The Bureau: XCOM Declassified combines adventure and strategy with a first-person shooter in which players must fend off threats and command a small team of special agents in combat.
Alien plague vs. Cold War
In late 1960's America, the troubled nation looks east towards the Soviet Union. But in The Bureau: XCOM Declassified, the threat lurks not behind the Iron Curtain and the Eastern Bloc, but on earth. Aliens are attacking, and the secret organization The Bureau must eliminate the threat while preventing a panic among the population.
Strategy, action and adventure
You can definitely classify The Bureau: XCOM Declassified as difficult. This is an adventure, shooter and strategy game all in one. You collect information on aliens, talk to people and drive the narrative forward in a really exciting way - a tried and tested formula of adventure games. At the same time, you must shoot alien invaders like you're in a first person shooter. But, the Bureau: XCOM Declassified is by no means a blind shooting game. It requires strategy and an overview of the entire objective of the game: you can switch to a tactical overview at any time and give instructions to team members.
The plot of Bureau: XCOM Declassified follows a strictly linear pattern. You go through the game environment like a corridor, constantly eliminating new alien waves along the way. There is no alternative to killing, although you can customize your tactics. At the highest of the four levels, you must be especially careful that your teammates don't die in a hail of bullets and botch the whole mission.
The Bureau: XCOM Declassified can be fully operated using the gamepad. You can open fire using a pistol, rifle or grenades, which you pick up along the way. Sprinting and taking cover are done with the same key, so you'll often find that you'll involuntarily be cowering behind a box instead of sprinting.
In combat, declaring a sighting draws the crosshairs unerringly towards your enemy. The player must be on guard, otherwise you'll grab the attention of the enemy's teammates. To protect yourself, it's a good idea to send agents to strategic positions. To do this, go The Bureau: XCOM Declassified's tactical view and give orders for colleagues to attack selected targets. Each agent has their own special skills that can be cleverly used.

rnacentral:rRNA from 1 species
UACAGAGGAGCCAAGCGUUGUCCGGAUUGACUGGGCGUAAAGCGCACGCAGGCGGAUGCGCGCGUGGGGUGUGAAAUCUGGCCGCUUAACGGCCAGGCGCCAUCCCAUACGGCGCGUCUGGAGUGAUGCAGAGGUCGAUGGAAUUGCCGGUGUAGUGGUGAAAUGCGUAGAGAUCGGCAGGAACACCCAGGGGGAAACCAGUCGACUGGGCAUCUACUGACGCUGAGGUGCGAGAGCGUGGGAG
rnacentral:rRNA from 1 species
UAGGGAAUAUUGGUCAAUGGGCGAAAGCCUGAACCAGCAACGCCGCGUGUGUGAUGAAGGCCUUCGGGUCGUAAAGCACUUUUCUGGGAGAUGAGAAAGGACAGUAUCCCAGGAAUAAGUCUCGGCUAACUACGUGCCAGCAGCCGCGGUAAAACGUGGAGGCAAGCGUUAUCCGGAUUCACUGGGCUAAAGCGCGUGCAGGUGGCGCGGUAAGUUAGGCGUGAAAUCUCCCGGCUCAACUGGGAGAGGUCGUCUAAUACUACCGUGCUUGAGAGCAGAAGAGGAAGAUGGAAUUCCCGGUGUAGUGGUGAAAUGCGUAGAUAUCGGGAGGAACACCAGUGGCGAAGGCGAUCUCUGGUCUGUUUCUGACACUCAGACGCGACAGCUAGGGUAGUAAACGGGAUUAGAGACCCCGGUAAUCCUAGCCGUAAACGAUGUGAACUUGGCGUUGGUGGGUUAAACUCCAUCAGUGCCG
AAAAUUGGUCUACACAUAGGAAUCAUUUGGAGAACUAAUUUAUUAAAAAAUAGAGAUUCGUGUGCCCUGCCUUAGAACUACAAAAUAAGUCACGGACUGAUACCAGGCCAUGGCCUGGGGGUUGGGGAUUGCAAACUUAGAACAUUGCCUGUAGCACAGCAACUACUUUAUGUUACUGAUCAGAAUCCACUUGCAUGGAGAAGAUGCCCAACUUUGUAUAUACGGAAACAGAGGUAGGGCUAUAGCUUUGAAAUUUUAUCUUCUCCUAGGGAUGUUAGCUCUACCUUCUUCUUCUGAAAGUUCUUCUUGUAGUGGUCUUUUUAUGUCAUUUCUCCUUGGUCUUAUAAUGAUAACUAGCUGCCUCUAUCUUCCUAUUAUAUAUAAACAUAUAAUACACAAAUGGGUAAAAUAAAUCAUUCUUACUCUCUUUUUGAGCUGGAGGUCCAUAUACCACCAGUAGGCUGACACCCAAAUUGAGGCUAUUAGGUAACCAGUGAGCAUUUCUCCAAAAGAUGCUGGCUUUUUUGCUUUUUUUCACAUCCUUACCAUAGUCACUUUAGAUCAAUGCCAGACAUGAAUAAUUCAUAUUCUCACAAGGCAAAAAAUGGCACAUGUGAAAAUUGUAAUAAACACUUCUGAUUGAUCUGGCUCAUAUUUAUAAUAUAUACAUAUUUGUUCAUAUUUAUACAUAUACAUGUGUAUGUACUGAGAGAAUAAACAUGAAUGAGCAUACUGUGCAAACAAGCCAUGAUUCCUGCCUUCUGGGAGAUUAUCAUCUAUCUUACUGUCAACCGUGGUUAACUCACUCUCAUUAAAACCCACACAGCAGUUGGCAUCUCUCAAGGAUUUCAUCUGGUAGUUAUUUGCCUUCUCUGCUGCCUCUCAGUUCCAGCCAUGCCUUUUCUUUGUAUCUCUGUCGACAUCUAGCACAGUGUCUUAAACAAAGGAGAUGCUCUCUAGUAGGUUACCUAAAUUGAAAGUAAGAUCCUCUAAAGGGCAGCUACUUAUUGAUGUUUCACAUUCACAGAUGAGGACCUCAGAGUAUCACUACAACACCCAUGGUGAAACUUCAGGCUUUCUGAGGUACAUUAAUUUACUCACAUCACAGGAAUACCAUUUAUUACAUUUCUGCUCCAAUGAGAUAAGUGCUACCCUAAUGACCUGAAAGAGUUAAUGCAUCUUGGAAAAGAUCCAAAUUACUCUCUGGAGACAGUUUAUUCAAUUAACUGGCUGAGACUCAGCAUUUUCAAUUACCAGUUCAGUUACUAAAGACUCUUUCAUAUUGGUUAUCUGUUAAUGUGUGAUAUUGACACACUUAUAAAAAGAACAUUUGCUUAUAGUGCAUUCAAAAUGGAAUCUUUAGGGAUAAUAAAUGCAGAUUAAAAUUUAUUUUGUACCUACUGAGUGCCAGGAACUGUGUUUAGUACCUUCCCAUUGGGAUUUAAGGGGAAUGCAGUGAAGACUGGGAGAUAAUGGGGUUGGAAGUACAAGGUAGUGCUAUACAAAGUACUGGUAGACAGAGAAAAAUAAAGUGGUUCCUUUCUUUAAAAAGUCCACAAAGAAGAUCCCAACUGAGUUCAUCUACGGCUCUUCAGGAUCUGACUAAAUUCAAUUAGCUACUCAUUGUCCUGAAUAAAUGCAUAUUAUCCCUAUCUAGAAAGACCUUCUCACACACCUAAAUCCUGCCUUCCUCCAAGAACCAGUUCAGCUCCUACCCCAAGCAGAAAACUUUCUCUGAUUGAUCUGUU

Overall, the controls are somewhat unmanageable compared to most other shooters. Between explosions, taking cover, and running, there's no real flow in the game. Basically, everything feels a bit cramped.
Gloomy 60s with a futuristic paint job
The 60s were a time when politicians were still puffing merrily away on cigarettes in conference rooms. The Bureau: XCOM Declassified shows these smoky, stuffy conference rooms so vividly that you can almost taste the smoke. The characteristic environment of this age is ever present in the game's dark images. From this musty gloom, the high-tech elements of the aliens stand out with their neon lights.
Not quite so well implemented are the somewhat chunky character animations. In typical 3rd person shooter style, you look over their shoulder, and the character is always clumsily shuffling through hallways. The far from outstanding animation synchronization is slightly made up for with professional voiceovers, which are entirely convincing.
Conclusion: Not quite a hit
The strength of The Bureau: XCOM Declassified is in the densely narrated action. The outstanding narrator and the atmospheric graphics are backed by a great setting, which are exactly the ingredients of a blockbuster game.
Too bad the clunky controls pull you away from the events; at times, you feel like you're fighting with the game. The strict linear fashion of the game restricts freedom of action too. It's too bad, because the game could have been a huge hit. Nevertheless, The Bureau: XCOM Declassified remains a solid action game with an innovative mix of strategy and adventure.
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